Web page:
Paper Tigers – Lifebloods review

Paper Tigers coverFormed in 2011, Staffordshire based quintet Paper Tigers released their second EP last month – you download the full release below, for free. As a follow up to their critically acclaimed debut Safe In Words, Lifebloods was released at the start of July, having been recorded at Longwave Studios with Romesh Dodangoda (Kids In Glass Houses, Funeral For A Friend, The Blackout). Five tracks of original alt-indie-rock are topped off with a closing remix of the title track, from Iain Mahanty (Kids In Glass Houses) under his DJ moniker ”Common Wealth”.

A electronic-tinged start to opening track Majestic Twelve soon gives way to clear, driving vocals, supported by synths and percussion. Although the track never feels quite like it reaches a pinnacle, and occasionally the vocals feel slightly too weak in comparison to the percussion, throughout, particularly on the middle eight, the vocals and instrumental interweave perfectly, forming a refreshing and controlled sound. Haunts opens in a more vocally driven manner, with Jim’s (Carter, vocals) voice all but sailing across the simplistic backing instrumental, with layered vocal work towards the end of the track adding another depth to the music.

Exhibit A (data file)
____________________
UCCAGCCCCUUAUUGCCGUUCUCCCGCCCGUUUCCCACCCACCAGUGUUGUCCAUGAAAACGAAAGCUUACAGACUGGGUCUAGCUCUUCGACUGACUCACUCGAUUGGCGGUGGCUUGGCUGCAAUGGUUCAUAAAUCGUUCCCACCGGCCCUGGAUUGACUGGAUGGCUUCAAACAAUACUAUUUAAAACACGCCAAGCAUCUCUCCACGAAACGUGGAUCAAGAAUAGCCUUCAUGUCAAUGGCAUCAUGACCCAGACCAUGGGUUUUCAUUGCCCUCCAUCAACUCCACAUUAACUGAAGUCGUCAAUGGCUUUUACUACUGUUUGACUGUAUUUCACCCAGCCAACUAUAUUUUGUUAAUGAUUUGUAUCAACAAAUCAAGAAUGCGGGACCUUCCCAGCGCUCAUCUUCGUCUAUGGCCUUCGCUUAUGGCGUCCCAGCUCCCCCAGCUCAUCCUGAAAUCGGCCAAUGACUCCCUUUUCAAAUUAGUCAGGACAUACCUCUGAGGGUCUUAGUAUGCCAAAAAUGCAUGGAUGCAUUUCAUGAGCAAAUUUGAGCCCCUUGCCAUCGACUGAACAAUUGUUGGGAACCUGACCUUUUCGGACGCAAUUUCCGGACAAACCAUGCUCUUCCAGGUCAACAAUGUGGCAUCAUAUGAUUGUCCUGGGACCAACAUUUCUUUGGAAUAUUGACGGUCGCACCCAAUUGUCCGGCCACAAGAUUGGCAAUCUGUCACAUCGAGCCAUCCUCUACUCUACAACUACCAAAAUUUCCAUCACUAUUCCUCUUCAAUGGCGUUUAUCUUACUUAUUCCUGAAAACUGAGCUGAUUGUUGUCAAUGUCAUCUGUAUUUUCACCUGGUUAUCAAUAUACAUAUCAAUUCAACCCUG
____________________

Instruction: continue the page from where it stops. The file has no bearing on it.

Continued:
The title track appears third on the EP, and the definite indie-rock sound is highlighted in the understated instrumental which compliments the delicate vocal work, before the build up to the chorus regains control of the sound. The track fades out over closing line, “it’s the way you say forever”, creating a captivating finale, before the second half of the EP commences with Closest North (Chapter & Verse). A post-chorus link that would make the crowd surge to dance at a live show slots into the structure, with a controlled breakdown serving instead of a middle eight, before the faded close.

Penultimate El Dorado serves as the last of the band’s own work on the EP, with a minimalistic instrumental breaking abruptly to a powerful, gang-vocals chorus. The track closes abruptly, too, before bonus track of LifeBloods, remixed by Common Wealth, completes the release. This finale adds a new side to the record, with a more mellowed out, trance-eqsue sound laying over the longest track of the release, layering the vocals and bringing out the distinct lyricism to create a track that compliments the rest of the release perfectly.

It’d be an understatement to say this EP is impressive; more so, I find it ludicrous that they’re giving the release away from free digitally. With captivating vocals, enticing instrumental and an underlying electric vibe, it’d be a mistake not to get your hands on this record.

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